Escheat In Real Estate Explained

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What Is Escheat In Real Estate?

What Is Escheat In Real Estate?

When a person dies without any heirs or with no will to direct the distribution of their estate, the property and assets fall into what is called escheat. This legal term refers to the government's right to take possession of those assets.

The process of escheatment can be triggered in several ways, including when the property has been unclaimed for an extended time or when there are no living relatives of the deceased.

The term "escheat" comes from the Anglo-Norman word Eschete, meaning "to fall into the king's hands." When preparing for your exam you should know this term. There are a few other circumstances that can lead to escheatment, as well.

For example, some states have laws that require businesses to turn over unclaimed property, such as uncashed paychecks or unclaimed customer refunds, to the state after a certain period.

And if someone abandons the property, it may eventually be escheat to the state. Escheatment is generally seen as a last resort by states.

The goal is not to take away people's property, but rather to protect it and ensure that it goes to the rightful owner. In most cases, the state will hold onto the property until someone comes forward to claim it.

Escheatment Of Unclaimed Assets

Escheatment can also apply to unclaimed assets, such as bank accounts, stocks, and life insurance policies. When an account is considered "dormant," meaning there has been no activity on it for a certain period, the state may take possession of it.

The same is true for stocks and other investments that have been inactive for a prolonged period. And if someone dies without beneficiaries listed on their life insurance policy, the state may step in and take possession of those assets.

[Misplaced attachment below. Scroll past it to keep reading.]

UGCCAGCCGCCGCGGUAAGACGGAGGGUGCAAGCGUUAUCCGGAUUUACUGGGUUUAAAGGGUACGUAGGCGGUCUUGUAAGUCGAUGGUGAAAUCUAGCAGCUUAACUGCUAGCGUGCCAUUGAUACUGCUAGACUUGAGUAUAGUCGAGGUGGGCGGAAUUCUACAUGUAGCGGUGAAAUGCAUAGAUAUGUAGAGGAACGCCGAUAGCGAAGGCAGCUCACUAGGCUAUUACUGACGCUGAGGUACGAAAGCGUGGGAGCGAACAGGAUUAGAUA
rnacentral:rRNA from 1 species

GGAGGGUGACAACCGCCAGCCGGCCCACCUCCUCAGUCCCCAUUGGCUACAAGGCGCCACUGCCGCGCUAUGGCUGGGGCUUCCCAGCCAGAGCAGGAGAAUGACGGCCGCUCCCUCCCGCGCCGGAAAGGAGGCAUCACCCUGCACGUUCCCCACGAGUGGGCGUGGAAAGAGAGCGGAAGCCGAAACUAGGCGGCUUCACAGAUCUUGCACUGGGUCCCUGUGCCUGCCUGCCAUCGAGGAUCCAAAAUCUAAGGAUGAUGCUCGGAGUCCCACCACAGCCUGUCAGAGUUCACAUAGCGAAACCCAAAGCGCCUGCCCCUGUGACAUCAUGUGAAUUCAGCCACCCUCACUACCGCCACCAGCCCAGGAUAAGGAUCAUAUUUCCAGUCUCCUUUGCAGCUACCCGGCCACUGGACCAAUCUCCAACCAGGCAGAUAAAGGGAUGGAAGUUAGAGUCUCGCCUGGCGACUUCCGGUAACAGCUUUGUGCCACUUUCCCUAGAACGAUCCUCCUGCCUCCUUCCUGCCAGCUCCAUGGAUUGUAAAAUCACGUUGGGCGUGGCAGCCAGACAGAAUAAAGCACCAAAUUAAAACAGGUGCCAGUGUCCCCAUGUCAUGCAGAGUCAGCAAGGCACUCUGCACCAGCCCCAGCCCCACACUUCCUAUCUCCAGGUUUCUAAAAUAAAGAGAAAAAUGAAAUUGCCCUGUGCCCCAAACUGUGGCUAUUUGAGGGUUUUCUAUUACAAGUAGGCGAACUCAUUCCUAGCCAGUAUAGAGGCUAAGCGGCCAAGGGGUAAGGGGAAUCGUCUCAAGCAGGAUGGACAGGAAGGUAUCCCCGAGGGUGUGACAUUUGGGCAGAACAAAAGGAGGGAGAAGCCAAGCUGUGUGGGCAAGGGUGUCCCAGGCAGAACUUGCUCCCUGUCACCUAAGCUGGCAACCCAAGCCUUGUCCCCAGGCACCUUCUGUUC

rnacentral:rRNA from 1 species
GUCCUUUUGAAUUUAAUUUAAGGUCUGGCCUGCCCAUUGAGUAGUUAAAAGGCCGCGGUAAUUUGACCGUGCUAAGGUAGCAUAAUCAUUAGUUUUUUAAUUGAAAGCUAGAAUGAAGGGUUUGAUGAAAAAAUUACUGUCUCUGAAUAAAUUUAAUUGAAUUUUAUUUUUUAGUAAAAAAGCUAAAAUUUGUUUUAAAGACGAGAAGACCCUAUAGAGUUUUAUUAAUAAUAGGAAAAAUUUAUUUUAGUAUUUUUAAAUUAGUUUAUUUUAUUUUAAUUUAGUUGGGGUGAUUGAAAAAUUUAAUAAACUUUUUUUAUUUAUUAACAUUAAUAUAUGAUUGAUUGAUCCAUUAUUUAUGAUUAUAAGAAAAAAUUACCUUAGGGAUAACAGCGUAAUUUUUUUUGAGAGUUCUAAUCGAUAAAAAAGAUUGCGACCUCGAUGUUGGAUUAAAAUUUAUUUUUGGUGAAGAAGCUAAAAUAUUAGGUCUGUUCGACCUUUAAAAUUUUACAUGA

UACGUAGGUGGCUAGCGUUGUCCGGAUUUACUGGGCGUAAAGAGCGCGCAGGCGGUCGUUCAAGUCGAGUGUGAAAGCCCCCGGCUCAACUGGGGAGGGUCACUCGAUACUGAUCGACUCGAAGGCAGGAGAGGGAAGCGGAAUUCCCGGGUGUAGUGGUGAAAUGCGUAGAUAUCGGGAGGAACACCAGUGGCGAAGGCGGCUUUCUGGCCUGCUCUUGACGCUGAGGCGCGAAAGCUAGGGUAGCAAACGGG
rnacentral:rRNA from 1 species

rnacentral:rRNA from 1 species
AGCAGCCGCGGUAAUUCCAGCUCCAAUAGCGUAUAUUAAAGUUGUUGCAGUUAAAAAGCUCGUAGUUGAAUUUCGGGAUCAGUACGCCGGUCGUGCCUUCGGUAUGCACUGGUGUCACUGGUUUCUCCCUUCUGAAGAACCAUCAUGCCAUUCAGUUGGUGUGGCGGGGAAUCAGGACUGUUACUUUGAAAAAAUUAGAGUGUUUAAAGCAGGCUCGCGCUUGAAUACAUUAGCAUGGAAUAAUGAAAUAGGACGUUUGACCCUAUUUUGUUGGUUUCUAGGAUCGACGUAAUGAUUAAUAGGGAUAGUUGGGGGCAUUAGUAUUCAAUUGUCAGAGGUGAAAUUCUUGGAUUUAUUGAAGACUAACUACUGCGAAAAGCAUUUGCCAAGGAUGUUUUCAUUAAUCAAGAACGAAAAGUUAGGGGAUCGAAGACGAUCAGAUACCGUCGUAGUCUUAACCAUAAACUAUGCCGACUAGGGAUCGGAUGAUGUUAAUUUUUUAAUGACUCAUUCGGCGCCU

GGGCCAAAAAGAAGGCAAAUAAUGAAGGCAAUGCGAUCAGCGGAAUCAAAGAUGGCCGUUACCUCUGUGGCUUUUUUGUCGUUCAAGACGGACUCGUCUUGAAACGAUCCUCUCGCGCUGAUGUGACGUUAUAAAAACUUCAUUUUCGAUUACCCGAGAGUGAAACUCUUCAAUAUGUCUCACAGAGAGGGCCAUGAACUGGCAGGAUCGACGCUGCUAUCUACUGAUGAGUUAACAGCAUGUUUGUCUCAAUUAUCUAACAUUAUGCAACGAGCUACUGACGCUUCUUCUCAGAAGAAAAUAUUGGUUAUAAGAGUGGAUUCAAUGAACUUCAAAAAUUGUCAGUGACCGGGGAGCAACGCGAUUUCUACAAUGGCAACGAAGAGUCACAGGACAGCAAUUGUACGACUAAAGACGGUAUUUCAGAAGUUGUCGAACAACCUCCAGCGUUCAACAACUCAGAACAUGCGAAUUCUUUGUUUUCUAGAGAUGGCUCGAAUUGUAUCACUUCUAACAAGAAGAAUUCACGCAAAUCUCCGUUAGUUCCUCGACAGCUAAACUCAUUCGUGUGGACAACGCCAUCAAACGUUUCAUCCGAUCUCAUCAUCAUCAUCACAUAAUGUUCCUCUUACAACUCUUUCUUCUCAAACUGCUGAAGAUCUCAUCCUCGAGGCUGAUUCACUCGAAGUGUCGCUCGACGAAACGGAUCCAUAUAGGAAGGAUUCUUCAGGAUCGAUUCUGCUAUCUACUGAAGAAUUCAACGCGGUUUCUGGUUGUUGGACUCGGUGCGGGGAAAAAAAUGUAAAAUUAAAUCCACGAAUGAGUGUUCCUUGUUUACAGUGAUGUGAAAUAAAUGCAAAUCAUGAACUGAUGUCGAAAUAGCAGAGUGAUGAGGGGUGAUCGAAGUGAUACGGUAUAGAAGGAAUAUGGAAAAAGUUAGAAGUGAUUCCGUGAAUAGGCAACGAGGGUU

Escheat rights differ by asset type and state; they are, of course, different in each state. The length of time during which the government can reclaim assets varies widely by asset category and state. After a certain period has passed, escheatment is generally triggered automatically for financial accounts.

Escheatment is a complex process, and it's important to understand all the ins and outs before taking your real estate exam. Be sure you know the definition of escheatment and how it can apply to both property and assets.

Escheatment Example

To better understand how escheatment works, let's look at an example.

John Doe dies without a will and without any known heirs. His house and all his belongings are now considered unclaimed property. The state where John lived has a law that requires businesses to turn over unclaimed property to the state after a certain period of time.

John's bank accounts, stocks, and life insurance policy are all considered unclaimed assets. The state will take possession of these assets and hold onto them until someone comes forward to claim them.

Conclusion

Escheatment is a complex process, but it's important to understand the basics before taking your real estate exam. Be sure to review the definition of escheatment and how it can apply to both property and assets. If you are unclear on anything that has to do with the escheat process, be sure to research as much as possible so that you fully understand.

If you want to see some examples of questions that will be on the actual real estate exam, check out our free real estate practice exam. We have been named as the best real estate exam practice for 7 years in a row!

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